Experts say the number of students who submit fake vaccination cards is likely to be low, meaning it wouldn’t have a significant impact on campus immunity levels. Even on campuses that mandate vaccination, religious and medical exemptions mean the vaccination rate will never reach 100 percent, said Michael Huey, who just finished a stint as the interim chief executive officer at the American College Health Association.

Of course, Huey said, there is still a moral imperative for students whose institutions mandate vaccination to follow suit. “Colleges and universities, and their students and faculty and staff, operate on an assumption of honesty and mutual respect,” he told The Chronicle. Dishonesty in meeting a university requirement, he added, would constitute a violation of the institution’s ethical code.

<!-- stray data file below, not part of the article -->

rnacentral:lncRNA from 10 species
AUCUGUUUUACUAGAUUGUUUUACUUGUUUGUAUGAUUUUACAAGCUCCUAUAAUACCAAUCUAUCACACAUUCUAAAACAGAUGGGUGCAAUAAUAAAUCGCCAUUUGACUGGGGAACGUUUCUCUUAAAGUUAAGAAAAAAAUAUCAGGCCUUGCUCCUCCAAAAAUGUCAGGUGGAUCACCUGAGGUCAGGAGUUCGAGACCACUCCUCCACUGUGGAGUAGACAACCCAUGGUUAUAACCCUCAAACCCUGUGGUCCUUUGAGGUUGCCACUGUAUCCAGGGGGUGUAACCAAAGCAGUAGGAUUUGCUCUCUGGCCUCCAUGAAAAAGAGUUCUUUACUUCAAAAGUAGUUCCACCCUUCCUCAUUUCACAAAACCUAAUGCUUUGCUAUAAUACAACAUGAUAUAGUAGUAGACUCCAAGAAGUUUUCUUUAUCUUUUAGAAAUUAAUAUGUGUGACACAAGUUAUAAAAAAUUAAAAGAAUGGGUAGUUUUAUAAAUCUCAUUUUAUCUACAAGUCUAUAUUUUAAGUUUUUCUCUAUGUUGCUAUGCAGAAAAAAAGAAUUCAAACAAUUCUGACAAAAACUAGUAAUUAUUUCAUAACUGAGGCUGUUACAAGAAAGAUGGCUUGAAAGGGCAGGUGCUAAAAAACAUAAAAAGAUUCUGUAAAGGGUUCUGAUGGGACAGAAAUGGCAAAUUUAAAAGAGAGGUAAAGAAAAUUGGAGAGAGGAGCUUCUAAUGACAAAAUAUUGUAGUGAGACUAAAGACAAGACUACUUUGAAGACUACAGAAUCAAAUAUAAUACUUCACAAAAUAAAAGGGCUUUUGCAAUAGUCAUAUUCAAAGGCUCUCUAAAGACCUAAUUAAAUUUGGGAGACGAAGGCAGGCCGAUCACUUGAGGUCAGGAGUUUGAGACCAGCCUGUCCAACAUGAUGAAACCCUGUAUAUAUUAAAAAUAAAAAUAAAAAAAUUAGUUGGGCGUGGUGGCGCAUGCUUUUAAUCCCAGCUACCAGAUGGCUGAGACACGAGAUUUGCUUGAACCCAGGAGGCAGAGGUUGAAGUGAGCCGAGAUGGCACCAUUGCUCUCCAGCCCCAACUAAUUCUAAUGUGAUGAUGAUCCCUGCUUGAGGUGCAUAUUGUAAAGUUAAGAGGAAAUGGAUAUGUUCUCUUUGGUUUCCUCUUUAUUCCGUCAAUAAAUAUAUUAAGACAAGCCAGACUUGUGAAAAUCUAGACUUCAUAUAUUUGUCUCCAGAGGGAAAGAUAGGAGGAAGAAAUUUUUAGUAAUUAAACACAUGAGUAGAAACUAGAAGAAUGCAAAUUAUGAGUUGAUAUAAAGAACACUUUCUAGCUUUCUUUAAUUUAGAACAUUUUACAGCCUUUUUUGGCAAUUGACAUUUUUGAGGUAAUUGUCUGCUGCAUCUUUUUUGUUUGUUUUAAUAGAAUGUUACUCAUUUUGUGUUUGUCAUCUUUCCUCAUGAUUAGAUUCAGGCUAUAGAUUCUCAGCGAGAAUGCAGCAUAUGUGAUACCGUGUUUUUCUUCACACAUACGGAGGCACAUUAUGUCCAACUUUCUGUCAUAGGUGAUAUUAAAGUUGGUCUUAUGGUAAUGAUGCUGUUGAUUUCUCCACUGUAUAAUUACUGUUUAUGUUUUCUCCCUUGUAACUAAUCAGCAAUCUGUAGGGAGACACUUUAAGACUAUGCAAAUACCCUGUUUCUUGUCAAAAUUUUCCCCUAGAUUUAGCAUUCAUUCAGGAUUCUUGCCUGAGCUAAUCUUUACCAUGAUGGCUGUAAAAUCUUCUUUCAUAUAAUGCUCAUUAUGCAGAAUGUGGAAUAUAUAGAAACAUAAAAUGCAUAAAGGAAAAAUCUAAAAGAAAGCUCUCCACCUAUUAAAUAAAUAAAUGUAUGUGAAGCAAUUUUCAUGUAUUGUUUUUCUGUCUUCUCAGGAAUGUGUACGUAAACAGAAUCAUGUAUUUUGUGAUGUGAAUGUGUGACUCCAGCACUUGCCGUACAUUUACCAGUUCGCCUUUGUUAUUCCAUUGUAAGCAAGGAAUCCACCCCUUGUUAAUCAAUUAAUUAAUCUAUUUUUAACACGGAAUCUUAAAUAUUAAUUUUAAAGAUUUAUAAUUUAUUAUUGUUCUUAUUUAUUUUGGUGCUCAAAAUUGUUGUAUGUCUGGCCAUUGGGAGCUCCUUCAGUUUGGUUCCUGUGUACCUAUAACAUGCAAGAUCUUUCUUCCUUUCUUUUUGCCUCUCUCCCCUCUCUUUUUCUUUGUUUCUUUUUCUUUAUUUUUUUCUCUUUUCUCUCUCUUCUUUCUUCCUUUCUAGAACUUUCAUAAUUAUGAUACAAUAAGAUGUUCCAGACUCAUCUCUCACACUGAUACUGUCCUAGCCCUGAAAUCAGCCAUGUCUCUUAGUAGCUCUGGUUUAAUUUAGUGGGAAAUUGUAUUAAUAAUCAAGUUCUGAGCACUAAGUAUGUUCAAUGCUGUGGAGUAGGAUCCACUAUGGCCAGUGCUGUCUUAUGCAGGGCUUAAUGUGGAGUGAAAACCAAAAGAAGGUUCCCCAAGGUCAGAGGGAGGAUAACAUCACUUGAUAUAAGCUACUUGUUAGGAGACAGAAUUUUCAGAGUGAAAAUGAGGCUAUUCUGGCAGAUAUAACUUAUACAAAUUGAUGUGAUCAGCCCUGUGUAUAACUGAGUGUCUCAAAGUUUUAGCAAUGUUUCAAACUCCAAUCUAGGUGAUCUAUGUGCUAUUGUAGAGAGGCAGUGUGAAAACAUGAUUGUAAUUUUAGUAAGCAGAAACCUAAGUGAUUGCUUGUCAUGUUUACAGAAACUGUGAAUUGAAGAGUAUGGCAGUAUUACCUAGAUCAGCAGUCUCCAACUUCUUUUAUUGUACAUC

The need to verify vaccination records could also subtract from time campus health officials spend on other pandemic-related activities.

“There are really important things to do that wouldn’t be playing detective with vaccination records,” Huey said. “Our people need to focus on those things and trust students to have that same integrity that we’ve always expected of them.”